10. LET SOCIAL SECURITY HELP GUIDE YOU BACK TO WORK:There is no denying that we all need a helping hand every now and then. Whether it is to change a tire, move into a new home, or build a tree house, knowing someone is there to lend a hand is always reassuring. Social Security offers this same assurance to all those we serve each day, including beneficiaries with disabilities. When you are ready to return to work or work for the first time, they are here. The Ticket to Work program offers beneficiaries with disabilities access to meaningful employment. Employment occurs with the assistance of Ticket to Work employment service providers called Employment Networks. The primary goals of employment networks are to assist you with a variety of work-related tasks to prepare you for the workforce. Their beneficiaries get help finding a job and staying employed, as well as instruction on their wage-reporting responsibilities to Social Security. Ultimately, they assist in guiding you back to work. The program is free, voluntary, and offers help to people ages 18 through 64 who receive Social Security disability benefits. If you are interested in this program, they are here to provide support throughout your journey. In fact, this program focuses on your financial independence. Beneficiaries go to work, get a good job that may lead to a career, and become financially independent. One major benefit of this career starter is that as a beneficiary, you are able to keep your cash benefits and Medicare or Medicaid. Throughout your transition to work, there are protections in place to help you return to benefits if you find you are unable to continue working due to your disability. Take advantage of the Ticket to Work program today, as you connect the right mix of free employment support services and approved service providers that best fit your needs. If you are ready for the workforce, they are ready to help guide you all the way.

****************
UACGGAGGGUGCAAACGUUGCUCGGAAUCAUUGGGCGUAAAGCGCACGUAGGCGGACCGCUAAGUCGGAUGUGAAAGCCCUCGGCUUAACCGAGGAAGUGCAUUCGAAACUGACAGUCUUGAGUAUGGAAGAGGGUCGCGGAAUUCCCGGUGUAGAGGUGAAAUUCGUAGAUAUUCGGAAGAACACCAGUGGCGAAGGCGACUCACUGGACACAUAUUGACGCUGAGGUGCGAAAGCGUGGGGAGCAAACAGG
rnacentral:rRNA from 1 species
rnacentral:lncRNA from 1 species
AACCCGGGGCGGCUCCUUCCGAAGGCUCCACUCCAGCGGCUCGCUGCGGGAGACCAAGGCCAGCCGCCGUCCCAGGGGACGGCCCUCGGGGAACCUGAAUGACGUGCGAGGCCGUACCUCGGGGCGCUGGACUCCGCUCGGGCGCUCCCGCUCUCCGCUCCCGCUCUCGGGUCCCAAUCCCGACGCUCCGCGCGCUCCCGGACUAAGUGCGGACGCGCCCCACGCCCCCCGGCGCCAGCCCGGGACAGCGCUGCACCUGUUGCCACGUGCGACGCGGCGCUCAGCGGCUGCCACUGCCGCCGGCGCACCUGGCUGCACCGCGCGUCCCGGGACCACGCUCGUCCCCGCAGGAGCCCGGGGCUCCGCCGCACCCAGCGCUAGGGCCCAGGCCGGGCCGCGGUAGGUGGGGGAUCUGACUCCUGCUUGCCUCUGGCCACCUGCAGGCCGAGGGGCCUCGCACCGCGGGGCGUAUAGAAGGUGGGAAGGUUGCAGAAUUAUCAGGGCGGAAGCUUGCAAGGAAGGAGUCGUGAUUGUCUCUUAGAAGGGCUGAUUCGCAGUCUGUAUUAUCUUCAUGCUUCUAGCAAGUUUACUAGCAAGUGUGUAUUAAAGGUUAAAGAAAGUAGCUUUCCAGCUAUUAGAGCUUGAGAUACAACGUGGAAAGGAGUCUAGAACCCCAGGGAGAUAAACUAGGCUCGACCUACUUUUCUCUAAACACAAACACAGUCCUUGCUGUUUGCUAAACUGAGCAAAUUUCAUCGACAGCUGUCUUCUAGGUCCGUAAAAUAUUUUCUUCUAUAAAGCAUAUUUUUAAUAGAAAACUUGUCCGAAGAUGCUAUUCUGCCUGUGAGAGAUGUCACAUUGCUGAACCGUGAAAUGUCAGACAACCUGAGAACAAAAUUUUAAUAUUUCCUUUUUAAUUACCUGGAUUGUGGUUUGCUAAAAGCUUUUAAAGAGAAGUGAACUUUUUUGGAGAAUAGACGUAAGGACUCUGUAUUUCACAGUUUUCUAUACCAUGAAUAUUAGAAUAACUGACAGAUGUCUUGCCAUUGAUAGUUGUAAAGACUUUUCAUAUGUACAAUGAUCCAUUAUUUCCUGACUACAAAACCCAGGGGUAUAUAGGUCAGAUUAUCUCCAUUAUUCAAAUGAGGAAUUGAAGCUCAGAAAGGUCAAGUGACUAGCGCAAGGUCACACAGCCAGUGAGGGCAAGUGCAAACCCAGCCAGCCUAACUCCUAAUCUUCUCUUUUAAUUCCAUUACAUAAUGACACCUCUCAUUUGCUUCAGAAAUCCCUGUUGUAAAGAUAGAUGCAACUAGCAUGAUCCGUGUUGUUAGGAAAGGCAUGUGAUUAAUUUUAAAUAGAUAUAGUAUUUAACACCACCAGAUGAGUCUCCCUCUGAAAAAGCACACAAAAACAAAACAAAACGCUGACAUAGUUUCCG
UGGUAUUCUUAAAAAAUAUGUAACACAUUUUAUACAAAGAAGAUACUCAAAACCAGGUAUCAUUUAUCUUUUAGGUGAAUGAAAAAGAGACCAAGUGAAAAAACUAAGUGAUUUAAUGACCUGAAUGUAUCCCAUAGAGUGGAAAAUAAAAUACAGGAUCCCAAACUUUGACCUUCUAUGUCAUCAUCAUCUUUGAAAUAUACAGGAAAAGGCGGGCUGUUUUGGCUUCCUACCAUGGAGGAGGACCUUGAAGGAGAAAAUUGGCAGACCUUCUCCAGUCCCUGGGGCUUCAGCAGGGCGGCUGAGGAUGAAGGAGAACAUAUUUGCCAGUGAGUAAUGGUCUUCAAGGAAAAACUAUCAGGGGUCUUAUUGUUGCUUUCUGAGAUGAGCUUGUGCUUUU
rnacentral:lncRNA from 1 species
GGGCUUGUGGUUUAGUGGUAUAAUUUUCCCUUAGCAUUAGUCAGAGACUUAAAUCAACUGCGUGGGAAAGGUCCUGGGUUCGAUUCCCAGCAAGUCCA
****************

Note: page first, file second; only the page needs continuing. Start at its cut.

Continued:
11. FPPTA TRUSTEES SCHOOL: The Florida Public Pension Trustees Association’s Trustee School will take place on September 25 through September 28, 2016 at the Hyatt Regency Coconut Point in Bonita Springs, Florida. A link on FPPTA’s web site, will take you to the Hyatt Regency Coconut Point website to make your room reservations. You may access information and updates about the Conference at FPPTA’s website. All police officer, firefighter and general employee plan participants, board of trustee members, plan sponsors and anyone interested in the administration and operation of the Chapters 112, 175 and 185 pension plans should take advantage of this unique, insightful and informative program.